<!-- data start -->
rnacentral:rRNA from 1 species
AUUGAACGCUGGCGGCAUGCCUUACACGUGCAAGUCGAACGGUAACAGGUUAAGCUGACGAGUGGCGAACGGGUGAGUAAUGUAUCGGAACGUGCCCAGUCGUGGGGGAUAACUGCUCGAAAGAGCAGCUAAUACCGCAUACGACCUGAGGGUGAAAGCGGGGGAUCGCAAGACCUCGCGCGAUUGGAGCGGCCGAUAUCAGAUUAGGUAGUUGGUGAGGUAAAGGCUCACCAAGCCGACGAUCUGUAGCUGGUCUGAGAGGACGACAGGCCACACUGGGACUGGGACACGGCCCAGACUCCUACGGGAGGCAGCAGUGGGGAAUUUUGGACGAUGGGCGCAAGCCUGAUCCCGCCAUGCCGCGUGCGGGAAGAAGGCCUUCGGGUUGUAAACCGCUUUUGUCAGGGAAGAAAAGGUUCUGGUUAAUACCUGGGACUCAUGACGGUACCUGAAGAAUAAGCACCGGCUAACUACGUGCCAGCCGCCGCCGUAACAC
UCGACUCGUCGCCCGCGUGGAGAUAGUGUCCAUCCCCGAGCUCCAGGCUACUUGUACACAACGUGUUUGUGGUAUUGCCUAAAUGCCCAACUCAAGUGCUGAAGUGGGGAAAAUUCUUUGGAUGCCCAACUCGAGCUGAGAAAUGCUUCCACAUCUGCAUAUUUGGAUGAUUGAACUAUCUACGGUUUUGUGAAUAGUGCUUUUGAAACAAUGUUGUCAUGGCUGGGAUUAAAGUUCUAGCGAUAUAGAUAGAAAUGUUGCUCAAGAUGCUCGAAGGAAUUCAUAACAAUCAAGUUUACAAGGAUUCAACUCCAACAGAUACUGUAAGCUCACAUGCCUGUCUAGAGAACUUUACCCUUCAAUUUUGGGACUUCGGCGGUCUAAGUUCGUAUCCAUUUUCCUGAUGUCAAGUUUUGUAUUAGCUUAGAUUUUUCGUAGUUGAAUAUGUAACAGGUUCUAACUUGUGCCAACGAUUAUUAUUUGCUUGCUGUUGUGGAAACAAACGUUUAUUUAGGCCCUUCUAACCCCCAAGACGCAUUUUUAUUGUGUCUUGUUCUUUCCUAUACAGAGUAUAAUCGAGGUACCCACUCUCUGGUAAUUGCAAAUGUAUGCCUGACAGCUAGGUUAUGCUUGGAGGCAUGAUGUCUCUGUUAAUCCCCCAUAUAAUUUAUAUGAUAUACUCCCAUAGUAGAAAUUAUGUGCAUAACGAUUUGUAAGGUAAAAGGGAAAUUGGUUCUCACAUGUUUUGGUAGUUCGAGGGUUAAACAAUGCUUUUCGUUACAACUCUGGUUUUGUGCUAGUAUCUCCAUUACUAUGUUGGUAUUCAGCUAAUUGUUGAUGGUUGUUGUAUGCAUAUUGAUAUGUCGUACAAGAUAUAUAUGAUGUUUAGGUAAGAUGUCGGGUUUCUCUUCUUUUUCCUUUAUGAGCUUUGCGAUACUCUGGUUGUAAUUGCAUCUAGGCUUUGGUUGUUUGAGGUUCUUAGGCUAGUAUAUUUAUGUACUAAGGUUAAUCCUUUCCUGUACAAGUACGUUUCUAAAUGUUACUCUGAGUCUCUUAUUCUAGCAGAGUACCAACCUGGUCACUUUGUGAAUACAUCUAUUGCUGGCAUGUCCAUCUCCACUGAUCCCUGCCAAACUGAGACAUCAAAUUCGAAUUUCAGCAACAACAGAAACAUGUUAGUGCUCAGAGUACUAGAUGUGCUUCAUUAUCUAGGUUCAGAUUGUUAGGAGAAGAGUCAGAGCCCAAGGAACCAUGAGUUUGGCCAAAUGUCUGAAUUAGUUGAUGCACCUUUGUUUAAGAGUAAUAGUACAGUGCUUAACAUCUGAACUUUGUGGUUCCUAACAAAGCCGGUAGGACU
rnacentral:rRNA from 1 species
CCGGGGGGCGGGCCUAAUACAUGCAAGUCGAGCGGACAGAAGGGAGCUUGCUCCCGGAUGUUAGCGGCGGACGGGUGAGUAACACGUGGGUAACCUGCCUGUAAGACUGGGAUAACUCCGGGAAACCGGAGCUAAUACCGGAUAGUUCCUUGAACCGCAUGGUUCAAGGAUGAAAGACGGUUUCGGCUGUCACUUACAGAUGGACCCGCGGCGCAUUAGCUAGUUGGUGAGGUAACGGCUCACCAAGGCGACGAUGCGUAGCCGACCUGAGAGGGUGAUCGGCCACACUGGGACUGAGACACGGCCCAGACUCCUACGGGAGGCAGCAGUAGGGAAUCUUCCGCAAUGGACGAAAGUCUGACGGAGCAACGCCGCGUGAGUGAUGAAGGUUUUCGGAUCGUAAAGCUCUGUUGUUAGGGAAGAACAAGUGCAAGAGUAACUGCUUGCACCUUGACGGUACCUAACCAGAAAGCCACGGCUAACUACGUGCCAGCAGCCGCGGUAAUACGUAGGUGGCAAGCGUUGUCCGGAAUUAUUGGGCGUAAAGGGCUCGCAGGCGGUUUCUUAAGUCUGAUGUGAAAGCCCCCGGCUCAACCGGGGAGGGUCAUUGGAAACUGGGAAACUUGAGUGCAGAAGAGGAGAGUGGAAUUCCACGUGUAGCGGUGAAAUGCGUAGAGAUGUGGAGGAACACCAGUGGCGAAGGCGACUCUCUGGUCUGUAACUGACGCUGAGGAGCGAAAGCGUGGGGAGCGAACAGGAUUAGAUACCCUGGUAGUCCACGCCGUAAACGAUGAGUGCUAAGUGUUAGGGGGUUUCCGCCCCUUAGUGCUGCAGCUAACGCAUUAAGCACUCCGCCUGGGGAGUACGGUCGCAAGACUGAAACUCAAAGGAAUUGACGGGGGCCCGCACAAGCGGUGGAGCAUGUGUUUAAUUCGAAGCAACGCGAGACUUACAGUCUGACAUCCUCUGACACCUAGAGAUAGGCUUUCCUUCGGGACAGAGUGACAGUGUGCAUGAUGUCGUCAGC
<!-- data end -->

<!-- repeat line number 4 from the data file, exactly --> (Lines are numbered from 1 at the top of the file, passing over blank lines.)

rnacentral:rRNA from 1 species